As we continue to monitor the market throughout 2021, recently there has been a considerable conversation that the Resale Market has peaked, and that Metro Vancouver will experience a degree of softening in the coming months. For prospective home buyers in today’s market, the concern revolves around affordability. Headlines are afloat with cautionary messages, sharing a perspective of today’s record-high market prices while continuing to monitor where affordability is heading across the Lower Mainland.
In order to capture a clear picture of this trending discussion around the elevated resale market, we must observe each perspective with a macro lens. Since each neighbourhood across the Lower Mainland differs in size and real estate sales, it is important that we spend time understanding each market on a deeper level to help us create a fully informed picture. This is where our Advisory department excels, as they continuously strive to deliver deep understandings with actionable intelligence on each region’s data and market insights.
When comparing the Fraser Valley and Greater Vancouver, the sales curve from each region reflects similar numbers in May. For Greater Vancouver, last month's sales were 27% over the 10-year average, with just under 4,200 homes transacting. The Fraser Valley is on a similar curve with 2,900 sales, 1% higher than the previous record.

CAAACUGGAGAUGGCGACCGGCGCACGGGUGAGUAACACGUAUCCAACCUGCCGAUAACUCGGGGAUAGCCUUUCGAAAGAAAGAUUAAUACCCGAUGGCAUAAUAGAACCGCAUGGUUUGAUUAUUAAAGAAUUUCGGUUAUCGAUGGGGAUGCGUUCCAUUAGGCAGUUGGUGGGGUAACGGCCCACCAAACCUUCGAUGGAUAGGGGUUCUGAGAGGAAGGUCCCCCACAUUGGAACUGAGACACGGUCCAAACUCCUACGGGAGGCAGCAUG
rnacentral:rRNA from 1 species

The sales to listing ratios in Greater Vancouver and the Fraser Valley prove to be slightly different in May. Greater Vancouver’s sales to listing ratios rested at 39%, while in the Fraser Valley, the sales to listing ratio during May was 50%. Both markets also experienced price appreciation across the benchmark composite. When comparing these numbers to presale, they also demonstrate a similar trend, with 50% month-over-month absorption.
Outside of these regional market trends, there are other future considerations to account for. Canada expects an increase in immigration over the next three years, with 1.2 million new Canadians anticipated to land. As borders reopen and the world welcomes back air travel and tourism, Canada’s economy will continue to expand. There are also industry-focused considerations that must be recognized. For instance, the inflation of construction costs over the next few years, as well as a considerable undersupply of new housing options.
We predict that, while rampant price escalation will subside, the next 1, 5, and 10 years will be similar in growth and challenges to what we experienced over the last decade. The Lower Mainland can expect a doubling of real estate value over ten years, accounting for some of the most sought-after, most expensive real estate across the region. There will also be up-and-coming energy centres emerging further East, including Coquitlam and Langley, that will be exciting to monitor, and watch evolve.
The world around us is about to open. As we welcome back more homebuyers into our real estate market, Vancouver will be a tremendous benefactor of both local and international demand.
By Ryan Lalonde, President, MLA Canada